Should pot be legal? Yes: We have better uses for our resources than fighting marijuana use

I love the saying: If it ain’t broke, don’t fix it. But there’s a corresponding maxim: If it’s broken, don’t be afraid to fix it.

And there’s one truth that everyone acknowledges: Our marijuana policy is as broken as Humpty Dumpty.

Buying pot is as easy as finding a burger at midnight; you just have to know where to go (or so I’m told – I’m not a pot smoker and have never been one, making me both one of the best and worst sponsors of Initiative 502).

The current policy of attempting to address marijuana usage through our criminal justice system is making gangsters obscenely rich, costing the lives of thousands of people and sucking up scarce resources. Is it time for a change? After a week, is it time to change your underwear?

It’s time for I-502.

First, I-502 recognizes that, like alcohol prohibition, making people who use marijuana criminals, with all the attendant costs to society – the cost of prosecutors, defense attorneys, judges, jails, etc. – isn’t the best use of our ever-shrinking checkbook. Our state and local governments don’t have money to burn; they are facing more cuts than a football team in August.

If we did nothing more than decriminalize the possession of small amounts of marijuana, we would take thousands of cases out of the criminal justice system each year, freeing those resources for more important needs. I’m a believer in getting a bang for my buck; under our current policy, we aren’t even getting a good fizzle.

Second, I-502 does something the government is great at doing: imposing taxes. I know this is shocking, but from the large cartels to the street dealer, none of them pay taxes. The Office of Financial Management has concluded that taxes will raise $1.9 billion (that’s no typo, not “million” but “billion”) within five years.

Third, I-502 allows the government to do something else it’s great at doing: regulate the heck out of something. Marijuana will be regulated tighter than my brother’s belt after Thanksgiving dinner.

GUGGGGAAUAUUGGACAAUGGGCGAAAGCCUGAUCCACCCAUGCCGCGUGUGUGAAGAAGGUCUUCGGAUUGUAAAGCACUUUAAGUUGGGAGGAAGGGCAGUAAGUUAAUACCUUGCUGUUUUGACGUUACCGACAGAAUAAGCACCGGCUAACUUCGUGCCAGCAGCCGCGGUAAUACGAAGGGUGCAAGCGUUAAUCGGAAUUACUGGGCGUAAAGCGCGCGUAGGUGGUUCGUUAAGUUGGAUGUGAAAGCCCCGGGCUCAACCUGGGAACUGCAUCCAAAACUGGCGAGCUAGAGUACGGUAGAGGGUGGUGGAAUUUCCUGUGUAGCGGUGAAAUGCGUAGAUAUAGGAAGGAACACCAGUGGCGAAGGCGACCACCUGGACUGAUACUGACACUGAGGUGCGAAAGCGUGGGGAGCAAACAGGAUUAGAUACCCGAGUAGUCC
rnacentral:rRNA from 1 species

You have to be 21 years or older to buy it. You can’t buy more than an ounce. It can only be sold in state-licensed, stand-alone stores. The stores can’t advertise and must be at least 1,000 feet from any school, park or playground.

If you are driving erratically and have a certain level of active THC in your system, then you will be presumed to be driving under the influence of marijuana. And for those of you who were hoping that you could turn that little patch of lawn into a true “weed” garden, ain’t gonna happen.

I know there are those of you thinking: What about our youth? But that’s exactly who we are failing under our current marijuana policy. Drug dealers aren’t asking for ID. They’ll sell the stuff whether you’re 9 or 90. Youth usage of marijuana has been increasing. We don’t have effective research or education programs to keep youth from using marijuana. I-502 requires that a portion of the tax revenues be put to such use.

The Children’s Alliance, a Washington group that has 125 organizations and 9,000 individual members, endorses I-502. Its mission is to improve the well-being of children by effecting positive changes in public policies, priorities and programs. As they put it, they ask the simple question – “Is it good for kids?” They answered with a resounding “yes.” And so should you.

Is it time for a change? Well, if you like a system that rewards criminals; puts millions of dollars into the hands of drug cartels; promotes violence, death and corruption; taxes our justice system without taxing the producers and users; and, in the end, doesn’t stop anyone from getting marijuana, then vote no.

But, if you’re like I am, and think that it’s time to try a new approach, then vote yes for I-502.

Salvador A. Mungia is one of the 10 sponsors of I-502, a former president of the Washington State Bar Association and the Tacoma-Pierce County Bar Association, and is in private practice with the law firm of Gordon Thomas Honeywell.